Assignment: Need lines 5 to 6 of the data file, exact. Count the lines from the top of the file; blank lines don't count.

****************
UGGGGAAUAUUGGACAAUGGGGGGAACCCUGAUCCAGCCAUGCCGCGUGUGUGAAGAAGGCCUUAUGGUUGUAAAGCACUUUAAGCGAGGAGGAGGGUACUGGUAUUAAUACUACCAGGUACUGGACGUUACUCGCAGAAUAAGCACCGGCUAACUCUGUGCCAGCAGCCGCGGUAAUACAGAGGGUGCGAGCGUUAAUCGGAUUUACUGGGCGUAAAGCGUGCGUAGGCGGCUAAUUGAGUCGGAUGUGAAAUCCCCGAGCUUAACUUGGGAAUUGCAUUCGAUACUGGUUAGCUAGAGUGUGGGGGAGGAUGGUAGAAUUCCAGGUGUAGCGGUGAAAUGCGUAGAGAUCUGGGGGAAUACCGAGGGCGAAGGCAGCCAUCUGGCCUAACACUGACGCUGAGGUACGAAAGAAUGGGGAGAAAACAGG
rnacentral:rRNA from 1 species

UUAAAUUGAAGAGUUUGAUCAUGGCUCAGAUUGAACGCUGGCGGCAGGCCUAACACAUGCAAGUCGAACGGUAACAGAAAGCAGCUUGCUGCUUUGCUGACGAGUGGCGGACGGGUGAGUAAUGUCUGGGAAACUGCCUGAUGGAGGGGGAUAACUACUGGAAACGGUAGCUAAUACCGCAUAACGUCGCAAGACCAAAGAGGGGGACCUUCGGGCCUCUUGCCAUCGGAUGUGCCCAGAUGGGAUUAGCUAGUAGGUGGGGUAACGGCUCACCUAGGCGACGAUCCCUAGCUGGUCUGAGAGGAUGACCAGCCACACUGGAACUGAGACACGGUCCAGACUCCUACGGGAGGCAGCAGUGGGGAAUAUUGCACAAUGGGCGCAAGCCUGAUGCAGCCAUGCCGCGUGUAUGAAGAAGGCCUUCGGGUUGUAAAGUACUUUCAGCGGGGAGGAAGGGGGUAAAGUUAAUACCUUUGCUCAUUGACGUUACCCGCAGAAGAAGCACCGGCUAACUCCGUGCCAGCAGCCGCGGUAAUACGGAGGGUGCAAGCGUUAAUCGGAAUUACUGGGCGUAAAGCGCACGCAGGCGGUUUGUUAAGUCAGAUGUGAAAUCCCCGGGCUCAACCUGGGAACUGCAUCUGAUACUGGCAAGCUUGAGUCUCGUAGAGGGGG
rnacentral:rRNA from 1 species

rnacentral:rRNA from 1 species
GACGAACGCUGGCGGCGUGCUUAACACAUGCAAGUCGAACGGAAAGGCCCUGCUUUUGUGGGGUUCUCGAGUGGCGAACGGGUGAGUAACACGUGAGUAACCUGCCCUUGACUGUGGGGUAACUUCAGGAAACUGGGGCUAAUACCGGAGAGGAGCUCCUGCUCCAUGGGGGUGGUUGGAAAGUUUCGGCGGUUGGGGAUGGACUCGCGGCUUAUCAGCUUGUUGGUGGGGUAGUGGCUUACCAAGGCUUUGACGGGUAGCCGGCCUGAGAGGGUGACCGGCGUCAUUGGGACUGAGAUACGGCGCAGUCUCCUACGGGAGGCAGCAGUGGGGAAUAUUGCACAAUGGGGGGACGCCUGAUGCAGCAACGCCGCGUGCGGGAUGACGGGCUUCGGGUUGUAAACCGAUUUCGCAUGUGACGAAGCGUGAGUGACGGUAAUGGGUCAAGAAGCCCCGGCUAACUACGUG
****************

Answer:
rnacentral:rRNA from 1 species
GACGAACGCUGGCGGCGUGCUUAACACAUGCAAGUCGAACGGAAAGGCCCUGCUUUUGUGGGGUUCUCGAGUGGCGAACGGGUGAGUAACACGUGAGUAACCUGCCCUUGACUGUGGGGUAACUUCAGGAAACUGGGGCUAAUACCGGAGAGGAGCUCCUGCUCCAUGGGGGUGGUUGGAAAGUUUCGGCGGUUGGGGAUGGACUCGCGGCUUAUCAGCUUGUUGGUGGGGUAGUGGCUUACCAAGGCUUUGACGGGUAGCCGGCCUGAGAGGGUGACCGGCGUCAUUGGGACUGAGAUACGGCGCAGUCUCCUACGGGAGGCAGCAGUGGGGAAUAUUGCACAAUGGGGGGACGCCUGAUGCAGCAACGCCGCGUGCGGGAUGACGGGCUUCGGGUUGUAAACCGAUUUCGCAUGUGACGAAGCGUGAGUGACGGUAAUGGGUCAAGAAGCCCCGGCUAACUACGUG